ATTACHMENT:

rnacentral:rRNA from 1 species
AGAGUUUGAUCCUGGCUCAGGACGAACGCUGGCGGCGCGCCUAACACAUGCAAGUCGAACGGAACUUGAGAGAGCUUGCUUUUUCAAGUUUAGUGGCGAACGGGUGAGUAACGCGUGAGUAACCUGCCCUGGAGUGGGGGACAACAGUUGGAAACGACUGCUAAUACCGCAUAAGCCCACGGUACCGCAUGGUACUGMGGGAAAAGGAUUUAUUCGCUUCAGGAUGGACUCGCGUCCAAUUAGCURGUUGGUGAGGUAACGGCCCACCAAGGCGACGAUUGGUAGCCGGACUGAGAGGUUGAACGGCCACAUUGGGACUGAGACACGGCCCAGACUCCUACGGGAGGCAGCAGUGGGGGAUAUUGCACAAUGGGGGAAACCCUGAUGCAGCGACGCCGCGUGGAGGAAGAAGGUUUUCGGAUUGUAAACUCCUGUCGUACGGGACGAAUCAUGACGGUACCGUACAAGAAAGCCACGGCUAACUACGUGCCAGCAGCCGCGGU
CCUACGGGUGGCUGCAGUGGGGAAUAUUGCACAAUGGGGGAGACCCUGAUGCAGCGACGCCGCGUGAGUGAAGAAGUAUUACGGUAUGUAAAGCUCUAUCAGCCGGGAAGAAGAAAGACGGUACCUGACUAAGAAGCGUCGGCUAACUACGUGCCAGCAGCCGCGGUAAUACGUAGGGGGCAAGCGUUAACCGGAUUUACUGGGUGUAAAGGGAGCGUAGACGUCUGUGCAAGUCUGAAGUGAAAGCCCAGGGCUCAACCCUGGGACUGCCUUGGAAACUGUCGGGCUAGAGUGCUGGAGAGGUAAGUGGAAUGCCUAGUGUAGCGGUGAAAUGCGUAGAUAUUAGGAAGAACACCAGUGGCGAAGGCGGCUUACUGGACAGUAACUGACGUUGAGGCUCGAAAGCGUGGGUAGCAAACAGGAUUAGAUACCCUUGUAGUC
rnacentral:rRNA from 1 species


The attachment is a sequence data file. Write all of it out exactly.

rnacentral:rRNA from 1 species
AGAGUUUGAUCCUGGCUCAGGACGAACGCUGGCGGCGCGCCUAACACAUGCAAGUCGAACGGAACUUGAGAGAGCUUGCUUUUUCAAGUUUAGUGGCGAACGGGUGAGUAACGCGUGAGUAACCUGCCCUGGAGUGGGGGACAACAGUUGGAAACGACUGCUAAUACCGCAUAAGCCCACGGUACCGCAUGGUACUGMGGGAAAAGGAUUUAUUCGCUUCAGGAUGGACUCGCGUCCAAUUAGCURGUUGGUGAGGUAACGGCCCACCAAGGCGACGAUUGGUAGCCGGACUGAGAGGUUGAACGGCCACAUUGGGACUGAGACACGGCCCAGACUCCUACGGGAGGCAGCAGUGGGGGAUAUUGCACAAUGGGGGAAACCCUGAUGCAGCGACGCCGCGUGGAGGAAGAAGGUUUUCGGAUUGUAAACUCCUGUCGUACGGGACGAAUCAUGACGGUACCGUACAAGAAAGCCACGGCUAACUACGUGCCAGCAGCCGCGGU
CCUACGGGUGGCUGCAGUGGGGAAUAUUGCACAAUGGGGGAGACCCUGAUGCAGCGACGCCGCGUGAGUGAAGAAGUAUUACGGUAUGUAAAGCUCUAUCAGCCGGGAAGAAGAAAGACGGUACCUGACUAAGAAGCGUCGGCUAACUACGUGCCAGCAGCCGCGGUAAUACGUAGGGGGCAAGCGUUAACCGGAUUUACUGGGUGUAAAGGGAGCGUAGACGUCUGUGCAAGUCUGAAGUGAAAGCCCAGGGCUCAACCCUGGGACUGCCUUGGAAACUGUCGGGCUAGAGUGCUGGAGAGGUAAGUGGAAUGCCUAGUGUAGCGGUGAAAUGCGUAGAUAUUAGGAAGAACACCAGUGGCGAAGGCGGCUUACUGGACAGUAACUGACGUUGAGGCUCGAAAGCGUGGGUAGCAAACAGGAUUAGAUACCCUUGUAGUC
rnacentral:rRNA from 1 species